Re: a union is always a join!

From: Tegiri Nenashi <>
Date: Tue, 17 Mar 2009 19:38:25 -0700 (PDT)
Message-ID: <>

On Mar 17, 2:56 pm, "Brian Selzer" <> wrote:
> "Walter Mitty" <> wrote in message
> news:EGNvl.685$
> > "Brian Selzer" <> wrote in message
> >news:c4Fvl.26433$
> >> As an exercise, try to write a set-based update trigger (a statement
> >> trigger in Oracle) on a table with only a composite natural key.  You'll
> >> find that when a column in the key may be the target of an update, that
> >> you can't just join deleted to inserted (old to new in Oracle) to
> >> determine exactly what is different.  (That's one of the main reasons
> >> Oracle and many other implementations support row triggers.)
> > The idea behind entity keys is that they are immutable.  When analyzing
> > the universe of discourse into entities, it's important to discover a
> > reliable identifier for each entity.  In practice, it's sometimes
> > necessary to synthesize identifiers, because the identifiers in common use
> > are unsuitable.  An example might be the use of common names for people at
> > the time when information systems were first being computerized.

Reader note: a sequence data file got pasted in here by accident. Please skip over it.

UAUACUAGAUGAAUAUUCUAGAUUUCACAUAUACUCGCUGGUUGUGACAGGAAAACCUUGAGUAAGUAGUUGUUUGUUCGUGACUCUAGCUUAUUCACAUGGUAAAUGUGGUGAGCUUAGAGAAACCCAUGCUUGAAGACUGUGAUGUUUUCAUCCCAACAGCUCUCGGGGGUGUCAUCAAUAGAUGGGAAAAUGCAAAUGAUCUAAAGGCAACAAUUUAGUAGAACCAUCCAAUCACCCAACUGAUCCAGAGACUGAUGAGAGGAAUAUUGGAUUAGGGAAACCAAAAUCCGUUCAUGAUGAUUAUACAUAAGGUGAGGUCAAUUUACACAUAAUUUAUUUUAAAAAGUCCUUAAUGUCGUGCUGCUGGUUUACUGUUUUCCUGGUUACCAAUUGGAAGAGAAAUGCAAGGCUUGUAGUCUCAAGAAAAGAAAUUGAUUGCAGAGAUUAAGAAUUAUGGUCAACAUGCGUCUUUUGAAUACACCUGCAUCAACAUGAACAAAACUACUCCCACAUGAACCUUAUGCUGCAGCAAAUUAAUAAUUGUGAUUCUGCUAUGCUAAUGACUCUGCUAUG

> > Foreign keys are immutable during the period of time that they refer to
> > the same thing, for the same reason that entity keys are immutable.  It
> > follows that foreign keys should not have to be updated as a cascade from
> > the update of the entity keys they refer to.  An update to a foreign key
> > that represents negation of the old relationship and assertion of a new
> > one ought to be expressble as a delete followed by an insert.  I could be
> > wrong on this, as I haven't completed the exercise you proposed.
> > The tables I have built with only composite natural keys have all been
> > relationship tables, and not entity tables.  In these cases, the composite
> > key that identifies rows in the relationship table are also foreign keys
> > that reference entities.
> An instance of a relationship isn't any less a thing than an instance of an
> entity, so I think we should try to avoid all of the baggage associated with
> the terms "entity" and "relationship."
> > By the way, are you claiming that all attributes are mutable?
> I'm claiming that whether an attribute is mutable or not is orthogonal to
> the Relational Model.  What about a relation for which the entire heading is
> the key?  Shouldn't it still be possible to issue an update?

Consider R at two time moments R(t') and R(t"). Define

Delta_i = R(t")-R(t')
Delta_d = R(t')-R(t")

Those are informally insertions and deletions when one ignores keys. Now suppose we have a key, that is empty relation K. Consider projections of Delta_i and Delta_d onto K:

Delta_i v K
Delta_i v K

These relations have the same header so their intersection

(Delta_i v K) ^ (Delta_i v K)

is a set of keys that "stays the same", that is update. Morale: you can't possibly define what update is without a key. Exercise: prove that updates are "well defined" regardless of the key choice. Received on Wed Mar 18 2009 - 03:38:25 CET

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